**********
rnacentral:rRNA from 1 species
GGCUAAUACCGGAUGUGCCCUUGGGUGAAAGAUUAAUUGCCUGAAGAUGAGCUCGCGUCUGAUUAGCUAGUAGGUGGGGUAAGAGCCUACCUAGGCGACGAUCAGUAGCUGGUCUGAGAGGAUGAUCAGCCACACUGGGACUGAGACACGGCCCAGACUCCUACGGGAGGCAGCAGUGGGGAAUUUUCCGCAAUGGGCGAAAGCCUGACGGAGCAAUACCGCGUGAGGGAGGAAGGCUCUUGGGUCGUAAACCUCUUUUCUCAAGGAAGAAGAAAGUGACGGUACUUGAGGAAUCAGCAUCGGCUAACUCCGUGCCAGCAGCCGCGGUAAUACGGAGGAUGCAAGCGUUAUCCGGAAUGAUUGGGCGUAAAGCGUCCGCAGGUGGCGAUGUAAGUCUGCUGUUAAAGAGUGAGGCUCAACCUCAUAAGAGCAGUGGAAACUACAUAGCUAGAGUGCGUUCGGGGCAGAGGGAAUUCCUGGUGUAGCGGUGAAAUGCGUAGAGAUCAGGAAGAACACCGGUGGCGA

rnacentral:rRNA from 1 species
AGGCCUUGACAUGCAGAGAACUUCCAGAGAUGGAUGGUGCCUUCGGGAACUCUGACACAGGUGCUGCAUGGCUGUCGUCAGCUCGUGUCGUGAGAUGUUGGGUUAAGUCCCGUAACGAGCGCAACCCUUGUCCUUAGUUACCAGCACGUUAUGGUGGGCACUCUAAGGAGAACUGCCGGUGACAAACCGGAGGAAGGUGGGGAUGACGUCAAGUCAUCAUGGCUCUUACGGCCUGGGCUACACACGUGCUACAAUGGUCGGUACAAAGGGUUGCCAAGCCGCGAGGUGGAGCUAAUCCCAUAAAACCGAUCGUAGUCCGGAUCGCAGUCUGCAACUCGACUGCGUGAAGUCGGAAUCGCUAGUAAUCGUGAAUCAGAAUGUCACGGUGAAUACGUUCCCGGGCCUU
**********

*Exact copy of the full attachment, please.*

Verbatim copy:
rnacentral:rRNA from 1 species
GGCUAAUACCGGAUGUGCCCUUGGGUGAAAGAUUAAUUGCCUGAAGAUGAGCUCGCGUCUGAUUAGCUAGUAGGUGGGGUAAGAGCCUACCUAGGCGACGAUCAGUAGCUGGUCUGAGAGGAUGAUCAGCCACACUGGGACUGAGACACGGCCCAGACUCCUACGGGAGGCAGCAGUGGGGAAUUUUCCGCAAUGGGCGAAAGCCUGACGGAGCAAUACCGCGUGAGGGAGGAAGGCUCUUGGGUCGUAAACCUCUUUUCUCAAGGAAGAAGAAAGUGACGGUACUUGAGGAAUCAGCAUCGGCUAACUCCGUGCCAGCAGCCGCGGUAAUACGGAGGAUGCAAGCGUUAUCCGGAAUGAUUGGGCGUAAAGCGUCCGCAGGUGGCGAUGUAAGUCUGCUGUUAAAGAGUGAGGCUCAACCUCAUAAGAGCAGUGGAAACUACAUAGCUAGAGUGCGUUCGGGGCAGAGGGAAUUCCUGGUGUAGCGGUGAAAUGCGUAGAGAUCAGGAAGAACACCGGUGGCGA

rnacentral:rRNA from 1 species
AGGCCUUGACAUGCAGAGAACUUCCAGAGAUGGAUGGUGCCUUCGGGAACUCUGACACAGGUGCUGCAUGGCUGUCGUCAGCUCGUGUCGUGAGAUGUUGGGUUAAGUCCCGUAACGAGCGCAACCCUUGUCCUUAGUUACCAGCACGUUAUGGUGGGCACUCUAAGGAGAACUGCCGGUGACAAACCGGAGGAAGGUGGGGAUGACGUCAAGUCAUCAUGGCUCUUACGGCCUGGGCUACACACGUGCUACAAUGGUCGGUACAAAGGGUUGCCAAGCCGCGAGGUGGAGCUAAUCCCAUAAAACCGAUCGUAGUCCGGAUCGCAGUCUGCAACUCGACUGCGUGAAGUCGGAAUCGCUAGUAAUCGUGAAUCAGAAUGUCACGGUGAAUACGUUCCCGGGCCUU